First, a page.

RIPE meetings: IP addresses as spoils of war

The war in Ukraine also affects the Internet administration. IP address managers report problems and fear that addresses will become spoils of war.

The war in Ukraine and Western sanctions against Russia are also issues at the 85th meeting of the Réseaux IP Européens Network (RIPE), for which the European IP address managers are currently convening in Belgrade. The cry for help from the Ukrainian members to freeze IP address assignments in the contested areas to prevent their confiscation is becoming more and more urgent.

The transfer of IP addresses from Ukrainian companies to Russian owners in the contested areas must be stopped immediately, demanded lawyer Andrii Pylypenko, who advises the Ukrainian Ministry of Justice. All transfers of Ukrainian IP addresses to new Russian sites are illegal.

Representatives of Ukrainian IT companies and associations support the claim. She knows about forced transfers of IP addresses “at gunpoint,” Olena Kushnir from provider Web Pro told the RIPE meeting in Belgrade. One should not lose any more time, appealed Viktoriia Opanasiuk from the Telecom Ukraine Association.

The best possible protection is the immediate freezing of Ukrainian IP addresses and numbers for autonomous systems (AS), says Pylypenko. The lawyer offered that RIPE’s operational arm responsible for transfers and assignments, RIPE NCC, could cooperate with Ukrainian authorities. These tried to protect Ukrainian IT companies as well as possible. According to Pylypenko, such cooperation reduces any legal risks for the RIPE NCC and allows immediate action.

The immediate or temporary freezing of all address and prefix transfers prevents the risk of illegal and forced transfers, but also legitimate transfers warned RIPE NCC General Counsel Athina Fragkouli. In addition, the RIPE database might then no longer display the correct owner entries.

“We would be violating our own statutes and would therefore like to have a corresponding policy that is approved by the members,” said Fragkouli. Without such a change, lawsuits against the organization cannot be ruled out. The involvement of Ukrainian government agencies, brought into play by Pypylenko, is shifting the self-government model in the direction of greater government influence. This also requires a decision by the members.

The adoption of a new policy would take at least months, criticized numerous members. The almost unanimous opinion was that the colleagues in Ukraine needed a solution immediately. A temporary freeze mechanism, for example, is ultimately a contractual agreement and not a new policy, says Erik Bais, co-chair of the “Address Policy” working group.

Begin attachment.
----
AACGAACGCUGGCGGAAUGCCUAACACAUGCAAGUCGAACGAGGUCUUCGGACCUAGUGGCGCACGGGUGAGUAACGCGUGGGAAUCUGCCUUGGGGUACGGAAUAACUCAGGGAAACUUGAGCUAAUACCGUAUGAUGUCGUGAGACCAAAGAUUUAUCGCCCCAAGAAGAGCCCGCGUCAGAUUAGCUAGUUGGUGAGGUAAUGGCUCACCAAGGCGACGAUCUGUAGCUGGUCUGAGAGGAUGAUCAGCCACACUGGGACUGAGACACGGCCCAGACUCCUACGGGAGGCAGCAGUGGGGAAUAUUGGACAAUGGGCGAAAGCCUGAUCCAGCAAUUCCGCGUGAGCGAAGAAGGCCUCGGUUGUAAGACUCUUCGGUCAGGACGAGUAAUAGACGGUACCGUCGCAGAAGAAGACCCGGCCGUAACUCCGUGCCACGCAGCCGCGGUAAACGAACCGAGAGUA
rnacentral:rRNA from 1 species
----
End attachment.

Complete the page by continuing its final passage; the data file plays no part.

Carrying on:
Fragkouli emphasized that there is already no legal obstacle to a particularly critical examination of the requested transfers. In addition, a disclaimer can be added to the transfers, which refers to the special situation in the country and states that the transfer can be reversed in the event of later court proceedings. Such a disclaimer could also cause a further transfer to be blocked.

The executive board of IP address management now wants to decide on an interim solution against address theft. The newly appointed CEO Ondrej Sury assured the members that a resolution by the board would quickly be found, which could extend to changes in the RIPE statutes. A political solution for the treatment of transfers in “areas under distress” is to follow.

There are still many questions to be answered – for example, what happens if areas are claimed by several governments (“areas in dispute”). A network operator from Crimea asked how RIPE would view its IP address resources: “Some say we’re Ukrainian, others say we’re Russian.” As a Ukrainian company, a complete freeze on transfers of Ukrainian resources would even put you at a disadvantage, because other Crimea companies can happily sell and transfer.

The war against Ukraine occupies address management in several respects. The number of RIPE members affected by the sanctions has doubled since the spring. The RIPE NCC receives hundreds of reports that need to be checked. For the time being, the addresses of the Russian members will simply be frozen. The RIPE NCC has refrained from withdrawing addresses, as Ukrainian members are demanding.

The membership fees are deferred for the time being, because a transfer to the commercial banks of the RIPE NCC is also blocked by sanctions. Meanwhile, the Amsterdam-based office of the RIPE NCC is negotiating with the Dutch authorities for a general exemption from sanctions for communication resources.

At the same time, the RIPE NCC commissioned a study on the subject of sanctions. Study director Farzaneh Badii gave an overview in Belgrade of the importance of sanctions for the Internet since the 1990s. Possible political solutions include derogations, including at the international level. But Badii also spoke of possible changes in the structure of the Regional Internet Registries (RIR). Perhaps the system is outdated as a regional structure.

A shift in the regional address world had become apparent within the RIPE, among other things with the dissolution of the Eurasia Network Operators Group, which had been founded to improve the participation of the Eastern European members. Established in 2010, ENOG disbanded at the start of the war. The address administrators are now faced with the question of how to integrate the group, which has at least 20,000 members, in the future.

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